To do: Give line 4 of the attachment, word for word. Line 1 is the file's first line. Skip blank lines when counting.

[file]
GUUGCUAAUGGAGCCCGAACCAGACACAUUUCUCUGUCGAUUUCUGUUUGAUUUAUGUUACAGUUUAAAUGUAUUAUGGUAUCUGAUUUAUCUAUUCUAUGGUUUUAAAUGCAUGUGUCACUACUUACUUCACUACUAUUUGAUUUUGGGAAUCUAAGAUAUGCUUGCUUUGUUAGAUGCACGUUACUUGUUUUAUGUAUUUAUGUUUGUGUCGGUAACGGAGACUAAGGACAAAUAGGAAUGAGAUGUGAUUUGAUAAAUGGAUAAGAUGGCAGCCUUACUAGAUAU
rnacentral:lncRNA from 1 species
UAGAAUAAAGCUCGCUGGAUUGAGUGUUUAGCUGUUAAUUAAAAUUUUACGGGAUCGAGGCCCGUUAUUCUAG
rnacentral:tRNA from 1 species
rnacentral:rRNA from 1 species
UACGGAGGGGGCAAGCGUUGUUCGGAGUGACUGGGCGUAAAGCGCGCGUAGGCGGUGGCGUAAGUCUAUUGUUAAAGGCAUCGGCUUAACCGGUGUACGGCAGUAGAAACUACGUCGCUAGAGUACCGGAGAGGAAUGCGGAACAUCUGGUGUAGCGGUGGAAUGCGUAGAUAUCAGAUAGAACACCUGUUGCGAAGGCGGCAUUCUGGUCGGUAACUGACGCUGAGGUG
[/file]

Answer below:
rnacentral:tRNA from 1 species